Lack of P2X 7 Receptors Protects against Renal Fibrosis after Pyelonephritis with α-Hemolysin–Producing Escherichia coli

Research output: Contribution to journal/Conference contribution in journal/Contribution to newspaperJournal articleResearchpeer-review

Severe urinary tract infections are commonly caused by sub-strains of Escherichia coli secreting the pore-forming virulence factor α-hemolysin (HlyA). Repeated or severe cases of pyelonephritis can cause renal scarring that subsequently can lead to progressive failure. We have previously demonstrated that HlyA releases cellular ATP directly through its membrane pore and that acute HlyA-induced cell damage is completely prevented by blocking ATP signaling. Local ATP signaling and P2X 7 receptor activation play a key role in the development of tissue fibrosis. This study investigated the effect of P2X 7 receptors on infection-induced renal scarring in a murine model of pyelonephritis. Pyelonephritis was induced by injecting 100 million HlyA-producing, uropathogenic E. coli into the urinary bladder of BALB/cJ mice. A similar degree of pyelonephritis and mortality was confirmed at day 5 after infection in P2X 7 +/+ and P2X 7 −/− mice. Fibrosis was first observed 2 weeks after infection, and the data clearly demonstrated that P2X 7 −/− mice and mice exposed to the P2X 7 antagonist, brillian blue G, show markedly less renal fibrosis 14 days after infection compared with controls (P < 0.001). Immunohistochemistry revealed comparable early neutrophil infiltration in the renal cortex from P2X 7 +/+ and P2X 7 −/− mice. Interestingly, lack of P2X 7 receptors resulted in diminished macrophage infiltration and reduced neutrophil clearance in the cortex of P2X 7 −/− mice. Hence, this study suggests the P2X 7 receptor to be an appealing antifibrotic target after renal infections.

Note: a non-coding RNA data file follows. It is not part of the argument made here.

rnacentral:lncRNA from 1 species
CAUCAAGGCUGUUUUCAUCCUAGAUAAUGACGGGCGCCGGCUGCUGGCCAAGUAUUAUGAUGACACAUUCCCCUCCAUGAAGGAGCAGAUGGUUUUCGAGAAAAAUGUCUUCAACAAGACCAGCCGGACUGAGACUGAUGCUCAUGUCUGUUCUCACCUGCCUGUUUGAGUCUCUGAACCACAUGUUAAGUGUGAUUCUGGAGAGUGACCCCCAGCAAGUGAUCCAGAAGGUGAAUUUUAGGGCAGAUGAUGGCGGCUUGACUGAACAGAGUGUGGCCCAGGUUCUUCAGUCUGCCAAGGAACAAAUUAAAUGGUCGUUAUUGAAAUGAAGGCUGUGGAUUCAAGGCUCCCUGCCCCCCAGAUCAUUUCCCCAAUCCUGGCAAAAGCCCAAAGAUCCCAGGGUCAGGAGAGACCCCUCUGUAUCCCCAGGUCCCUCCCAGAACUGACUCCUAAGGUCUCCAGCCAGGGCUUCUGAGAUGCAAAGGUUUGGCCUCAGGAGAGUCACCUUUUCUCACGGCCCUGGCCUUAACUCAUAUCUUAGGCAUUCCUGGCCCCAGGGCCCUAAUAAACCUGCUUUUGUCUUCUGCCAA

Original languageEnglish
JournalAmerican Journal of Pathology
Volume189
Issue6
Pages (from-to)1201-1211
Number of pages11
ISSN0002-9440
DOIs
Publication statusPublished - 2019

See relations at Aarhus University Citationformats

ID: 154014673